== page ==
Greetings from the beautiful Opera House in Camden, Maine, the site of Pop!Tech. Assuming my Wifi and laptop battery don’t fail me, I’ll be sending you highlights from this dynamic conference over the next couple of days.
The artist Chris Jordan kicked things off this morning by showing us how he turns dry, abstract statistics about the impact American consumers have on the environment into something meaningful and emotional. “We can’t feel statistics,” he said. “And I want to feel it.”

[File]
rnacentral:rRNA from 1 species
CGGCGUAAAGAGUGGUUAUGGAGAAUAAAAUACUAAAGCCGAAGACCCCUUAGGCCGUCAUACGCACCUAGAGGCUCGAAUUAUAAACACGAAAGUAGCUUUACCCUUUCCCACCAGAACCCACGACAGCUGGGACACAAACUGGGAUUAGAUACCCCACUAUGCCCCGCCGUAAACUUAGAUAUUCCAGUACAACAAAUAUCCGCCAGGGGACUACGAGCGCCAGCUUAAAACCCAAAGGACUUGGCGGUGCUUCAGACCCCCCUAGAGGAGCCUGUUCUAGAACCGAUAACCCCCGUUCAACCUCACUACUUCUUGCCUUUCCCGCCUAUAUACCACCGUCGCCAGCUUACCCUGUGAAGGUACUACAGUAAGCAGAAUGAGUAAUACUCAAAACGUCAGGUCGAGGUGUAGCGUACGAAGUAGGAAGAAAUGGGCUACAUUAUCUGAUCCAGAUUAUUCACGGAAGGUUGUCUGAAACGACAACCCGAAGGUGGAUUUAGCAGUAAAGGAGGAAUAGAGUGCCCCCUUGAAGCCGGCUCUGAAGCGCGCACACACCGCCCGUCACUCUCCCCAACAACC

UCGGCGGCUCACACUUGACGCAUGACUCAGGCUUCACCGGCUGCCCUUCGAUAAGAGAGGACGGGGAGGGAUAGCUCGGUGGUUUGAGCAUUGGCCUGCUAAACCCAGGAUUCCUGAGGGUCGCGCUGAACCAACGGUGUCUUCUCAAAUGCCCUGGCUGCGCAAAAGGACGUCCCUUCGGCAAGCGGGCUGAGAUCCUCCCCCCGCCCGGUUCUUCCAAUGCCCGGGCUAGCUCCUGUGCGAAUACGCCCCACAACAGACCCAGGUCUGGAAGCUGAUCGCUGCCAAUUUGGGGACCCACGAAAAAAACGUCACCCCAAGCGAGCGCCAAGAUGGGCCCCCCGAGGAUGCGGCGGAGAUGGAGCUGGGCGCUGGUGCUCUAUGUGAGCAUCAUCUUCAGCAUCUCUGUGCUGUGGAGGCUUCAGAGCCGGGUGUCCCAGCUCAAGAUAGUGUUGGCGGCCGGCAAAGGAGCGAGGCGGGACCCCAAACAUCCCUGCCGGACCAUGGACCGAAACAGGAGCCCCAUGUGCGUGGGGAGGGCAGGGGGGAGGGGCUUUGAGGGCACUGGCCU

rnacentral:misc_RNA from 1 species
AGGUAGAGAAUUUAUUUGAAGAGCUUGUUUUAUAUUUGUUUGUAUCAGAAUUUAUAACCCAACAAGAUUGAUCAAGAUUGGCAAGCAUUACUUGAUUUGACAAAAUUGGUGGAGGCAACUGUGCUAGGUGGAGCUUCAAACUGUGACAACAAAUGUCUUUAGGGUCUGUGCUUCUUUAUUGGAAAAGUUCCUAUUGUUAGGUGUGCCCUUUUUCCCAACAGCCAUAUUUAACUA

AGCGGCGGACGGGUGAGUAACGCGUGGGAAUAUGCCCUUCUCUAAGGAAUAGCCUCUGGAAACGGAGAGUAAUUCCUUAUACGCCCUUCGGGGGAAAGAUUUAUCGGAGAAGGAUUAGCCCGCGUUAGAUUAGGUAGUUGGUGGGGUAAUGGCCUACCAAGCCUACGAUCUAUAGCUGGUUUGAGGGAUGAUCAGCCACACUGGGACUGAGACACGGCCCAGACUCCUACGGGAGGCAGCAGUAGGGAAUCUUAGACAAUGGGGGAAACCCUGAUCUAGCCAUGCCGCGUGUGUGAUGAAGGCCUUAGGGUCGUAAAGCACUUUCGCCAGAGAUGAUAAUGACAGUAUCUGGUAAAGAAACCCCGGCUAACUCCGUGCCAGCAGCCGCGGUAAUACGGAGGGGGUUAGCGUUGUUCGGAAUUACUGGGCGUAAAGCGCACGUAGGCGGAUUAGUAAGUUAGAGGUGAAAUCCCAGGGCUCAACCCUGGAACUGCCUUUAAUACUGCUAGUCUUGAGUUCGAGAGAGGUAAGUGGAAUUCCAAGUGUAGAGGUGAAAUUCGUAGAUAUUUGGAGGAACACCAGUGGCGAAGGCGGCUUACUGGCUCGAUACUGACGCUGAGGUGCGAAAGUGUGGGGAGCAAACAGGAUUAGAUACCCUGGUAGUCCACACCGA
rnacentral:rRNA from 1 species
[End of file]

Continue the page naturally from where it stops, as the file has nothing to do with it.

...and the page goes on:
So he takes jaw-dropping numbers – 130 million cell phones discarded every year, 11,000 jet trails created every eight hours – and conveys these quantities visually. The phones look like a black swirling sea. The jet trails looks like a blanket of snowflakes. He shows the New York City skyline transposed against the millions of reams of office paper we go through in a day to make the excess hit home. He even practices his version of pointalism, using 106,000 aluminum cans (which we go through every six seconds) to create Seurat’s masterpiece ” A Sunday Afternoon on the Island of Grande Jatte.”
His work is at once beautiful and disturbing, and I can’t begin to do it justice. You have to visit Jordan’s web site to see for yourself.